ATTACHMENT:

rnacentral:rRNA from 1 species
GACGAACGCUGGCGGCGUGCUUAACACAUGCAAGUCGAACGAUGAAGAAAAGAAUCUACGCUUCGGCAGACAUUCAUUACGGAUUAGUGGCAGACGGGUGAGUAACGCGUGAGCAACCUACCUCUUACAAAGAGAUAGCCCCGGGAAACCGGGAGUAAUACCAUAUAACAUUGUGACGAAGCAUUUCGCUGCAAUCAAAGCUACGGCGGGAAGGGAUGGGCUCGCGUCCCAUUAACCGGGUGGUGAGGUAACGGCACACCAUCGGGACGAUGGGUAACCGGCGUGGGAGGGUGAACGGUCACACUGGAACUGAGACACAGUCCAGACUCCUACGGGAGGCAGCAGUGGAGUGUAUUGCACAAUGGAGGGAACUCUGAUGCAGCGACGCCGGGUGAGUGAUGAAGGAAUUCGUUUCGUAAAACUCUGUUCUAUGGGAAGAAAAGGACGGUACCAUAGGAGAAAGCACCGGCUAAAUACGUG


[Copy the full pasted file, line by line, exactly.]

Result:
rnacentral:rRNA from 1 species
GACGAACGCUGGCGGCGUGCUUAACACAUGCAAGUCGAACGAUGAAGAAAAGAAUCUACGCUUCGGCAGACAUUCAUUACGGAUUAGUGGCAGACGGGUGAGUAACGCGUGAGCAACCUACCUCUUACAAAGAGAUAGCCCCGGGAAACCGGGAGUAAUACCAUAUAACAUUGUGACGAAGCAUUUCGCUGCAAUCAAAGCUACGGCGGGAAGGGAUGGGCUCGCGUCCCAUUAACCGGGUGGUGAGGUAACGGCACACCAUCGGGACGAUGGGUAACCGGCGUGGGAGGGUGAACGGUCACACUGGAACUGAGACACAGUCCAGACUCCUACGGGAGGCAGCAGUGGAGUGUAUUGCACAAUGGAGGGAACUCUGAUGCAGCGACGCCGGGUGAGUGAUGAAGGAAUUCGUUUCGUAAAACUCUGUUCUAUGGGAAGAAAAGGACGGUACCAUAGGAGAAAGCACCGGCUAAAUACGUG